Augmented reality allows videos to ‘play’ on yearbook pages

Aurasma brings pictures to life

Katrina Foster

This picture has an aura that viewers looking through the Aurasma app on their Android or IOS devices can see if they are subscribed to the travismediateam channel. Augmented reality is a big part of the publications put out by the Travis Media Team this year.

By Florencia Caceres and others, Travis High School

What if we could see newspaper and magazine photos like they appeared in the Harry Potter movies, as videos that came alive right on the paper?

What if your teacher was giving a presentation using the projector and a dinosaur from millions of years ago showed up on the screen looking very hungry?

Or what if you looked at a roadside landmark through a special set of glasses and a stream of historical information suddenly appeared?

With today’s technology, much of that is possible.

Augmented reality, in the form of apps and apparatuses, is changing the way we look at ordinary things. From Google Glass to smartphones, technology is adding information to all kinds of otherwise ordinary objects.

Aurasma, an app being used by the journalism and media classes this year, has made an impact on the way students will be able to interact with their yearbooks.


“It’s definitely nothing like I’ve used before,” newspaper staff writer Arij Khanjee said. “It’s different from all the other apps. They’ve never integrated a video app and a photo app together so this is really new.”

Created by software company Autonomy, it has the ability to link a video to an image and play it when it recognizes the picture.

“Our yearbook staff began using Aurasma this year to enhance photographs in the book,” Dianne Smith-Harper, Travis Media Team adviser, said.

Aurasma is a free augmented reality app available from iTunes and Google Play. By viewing an enhanced photo or object through the app on an IOS or Android device, people can see what has been added to the image.

“We’ve been trying to make our yearbooks more interactive. We’ve used QR codes in the past, which would bring up a video related to the content on the page which you could view through a smartphone. But Aurasma takes it a step further,” Smith-Harper said.

With Aurasma, users create a channel which others subscribe to, sort of like following someone on a social network. Subscribers will be able to see whatever the channel overlays on a trigger image, or the photo that would appear on a page.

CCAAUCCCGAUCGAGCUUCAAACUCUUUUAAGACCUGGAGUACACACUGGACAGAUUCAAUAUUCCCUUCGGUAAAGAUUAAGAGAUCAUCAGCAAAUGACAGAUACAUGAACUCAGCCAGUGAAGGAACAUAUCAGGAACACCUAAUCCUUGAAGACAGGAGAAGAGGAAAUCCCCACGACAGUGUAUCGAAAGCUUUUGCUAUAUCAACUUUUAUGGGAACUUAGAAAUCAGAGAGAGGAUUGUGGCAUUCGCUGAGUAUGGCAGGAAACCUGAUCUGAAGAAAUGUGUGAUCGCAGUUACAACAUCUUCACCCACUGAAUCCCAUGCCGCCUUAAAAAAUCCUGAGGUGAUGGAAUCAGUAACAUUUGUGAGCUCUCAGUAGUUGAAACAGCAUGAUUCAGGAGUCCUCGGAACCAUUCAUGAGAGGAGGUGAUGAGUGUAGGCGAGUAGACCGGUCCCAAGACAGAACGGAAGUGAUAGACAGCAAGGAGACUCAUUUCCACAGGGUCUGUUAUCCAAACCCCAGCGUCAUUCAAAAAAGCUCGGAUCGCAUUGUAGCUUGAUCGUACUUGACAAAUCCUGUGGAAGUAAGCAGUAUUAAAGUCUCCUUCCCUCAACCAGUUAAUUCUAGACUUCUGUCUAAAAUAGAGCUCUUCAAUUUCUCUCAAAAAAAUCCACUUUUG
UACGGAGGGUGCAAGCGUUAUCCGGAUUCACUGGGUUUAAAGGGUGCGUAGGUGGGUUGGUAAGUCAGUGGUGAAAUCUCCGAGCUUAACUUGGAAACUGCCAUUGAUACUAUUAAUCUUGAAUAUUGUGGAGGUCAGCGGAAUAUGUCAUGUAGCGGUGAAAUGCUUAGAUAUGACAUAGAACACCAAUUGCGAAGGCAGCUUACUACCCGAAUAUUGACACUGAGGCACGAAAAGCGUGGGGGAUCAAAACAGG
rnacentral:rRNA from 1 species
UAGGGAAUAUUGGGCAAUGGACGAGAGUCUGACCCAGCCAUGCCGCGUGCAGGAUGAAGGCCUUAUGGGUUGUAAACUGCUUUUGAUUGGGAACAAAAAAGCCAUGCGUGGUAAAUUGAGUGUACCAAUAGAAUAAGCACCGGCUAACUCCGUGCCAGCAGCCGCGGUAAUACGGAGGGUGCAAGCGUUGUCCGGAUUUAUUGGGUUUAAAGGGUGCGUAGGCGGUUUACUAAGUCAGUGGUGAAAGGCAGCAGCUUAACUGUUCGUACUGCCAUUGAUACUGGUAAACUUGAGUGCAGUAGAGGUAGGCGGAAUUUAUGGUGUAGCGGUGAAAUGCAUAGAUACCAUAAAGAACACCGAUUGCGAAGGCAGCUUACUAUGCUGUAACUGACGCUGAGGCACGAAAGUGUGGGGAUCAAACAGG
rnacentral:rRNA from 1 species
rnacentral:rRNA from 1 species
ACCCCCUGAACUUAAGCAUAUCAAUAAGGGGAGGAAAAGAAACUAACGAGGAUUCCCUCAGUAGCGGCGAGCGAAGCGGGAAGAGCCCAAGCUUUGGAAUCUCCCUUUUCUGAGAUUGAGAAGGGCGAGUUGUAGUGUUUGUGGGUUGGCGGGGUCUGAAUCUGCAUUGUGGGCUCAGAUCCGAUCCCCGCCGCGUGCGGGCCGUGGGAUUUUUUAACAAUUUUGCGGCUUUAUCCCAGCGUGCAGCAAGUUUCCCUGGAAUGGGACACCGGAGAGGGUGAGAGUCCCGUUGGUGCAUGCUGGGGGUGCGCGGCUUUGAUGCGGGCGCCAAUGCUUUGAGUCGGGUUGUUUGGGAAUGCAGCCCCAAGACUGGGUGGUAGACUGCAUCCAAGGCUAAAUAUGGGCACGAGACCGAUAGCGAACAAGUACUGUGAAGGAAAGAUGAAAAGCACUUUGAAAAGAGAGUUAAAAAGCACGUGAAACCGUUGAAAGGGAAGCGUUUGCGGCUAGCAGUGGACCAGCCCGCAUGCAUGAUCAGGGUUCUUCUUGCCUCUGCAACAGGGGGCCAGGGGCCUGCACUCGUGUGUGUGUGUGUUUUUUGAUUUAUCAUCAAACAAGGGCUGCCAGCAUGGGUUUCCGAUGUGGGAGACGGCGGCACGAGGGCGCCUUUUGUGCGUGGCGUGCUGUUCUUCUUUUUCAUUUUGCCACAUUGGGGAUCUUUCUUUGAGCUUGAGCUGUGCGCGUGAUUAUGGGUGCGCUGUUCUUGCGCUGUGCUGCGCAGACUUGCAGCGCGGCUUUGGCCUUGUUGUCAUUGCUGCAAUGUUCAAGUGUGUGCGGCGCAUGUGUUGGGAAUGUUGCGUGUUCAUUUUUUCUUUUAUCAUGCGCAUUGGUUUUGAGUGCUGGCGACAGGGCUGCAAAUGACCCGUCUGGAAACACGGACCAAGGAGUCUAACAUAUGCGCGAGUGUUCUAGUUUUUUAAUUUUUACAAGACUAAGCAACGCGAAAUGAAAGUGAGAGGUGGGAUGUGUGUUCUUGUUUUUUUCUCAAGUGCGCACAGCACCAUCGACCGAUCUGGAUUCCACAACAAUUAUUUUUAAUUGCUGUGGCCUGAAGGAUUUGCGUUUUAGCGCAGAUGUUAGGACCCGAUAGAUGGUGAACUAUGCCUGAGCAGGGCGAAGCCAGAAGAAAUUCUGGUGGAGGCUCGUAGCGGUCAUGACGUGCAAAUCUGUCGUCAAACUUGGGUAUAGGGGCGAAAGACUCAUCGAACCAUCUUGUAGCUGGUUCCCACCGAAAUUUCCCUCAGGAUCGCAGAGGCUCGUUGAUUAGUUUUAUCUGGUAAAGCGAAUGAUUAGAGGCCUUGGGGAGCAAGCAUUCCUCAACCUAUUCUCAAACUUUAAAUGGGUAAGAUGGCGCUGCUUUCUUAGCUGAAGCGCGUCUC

“It’s so easy to create an ‘aura.’ You upload the trigger image, or the photo you are going to use, to a website,, then upload an overlay, usually a video, and put the two together,” Smith-Harper said.

Then, when subscribers to that channel view the trigger image through the app on their phone, it looks like the video is playing right on the page.

“Once you understand how to do it, it is easier. It takes a couple of tries with different pictures before you finally learn how to do it,” journalism student Komal Khoja said.

The yearbook staff is very excited about the new technology, but Smith-Harper says the Aurasma app can be used in many ways for educational purposes.

“The possibilities for its use are endless,” she said.

Teachers around the world have been using the app, which was developed by engineers at Cambridge University in the UK, to bring content alive to their students. Websites and YouTube videos abound with instructions and ideas for educators to use.

“You can actually create ‘auras’ right on your smartphone, which a lot of my students did when we first started trying out the technology,” Smith-Harper said.

The iPhone app has some 3D models of dinosaurs which can be brought into a scene, but it won’t be able to be viewed by everyone.

“Unfortunately, the Android and iPhone apps are not totally alike. There are 3D models available on one that are not available on the other, so ‘auras’ created with the phone app may not be viewable from other devices,” she explained.

By hooking the phone or tablet with the app up to the projector, however, provides a way for the 3D models to make an appearance in the classroom, if a teacher has a lesson that involves dinosaurs or some of the other models.

“The technology is amazing, but I thin we’ve only touched the top of the iceberg. Augmented reality is evolving rapidly, and Aurasma is not the only app out there. It will be interesting to see what comes next,” Smith-Harper said.

What comes next for the Travis Media Team is the distribution of the book in May, and the staff hopes the student body is as excited over the technology as they are.

“It will make the yearbook more interesting, journalism student Warisha Chisty said. “It will make it more interactive for the students.”

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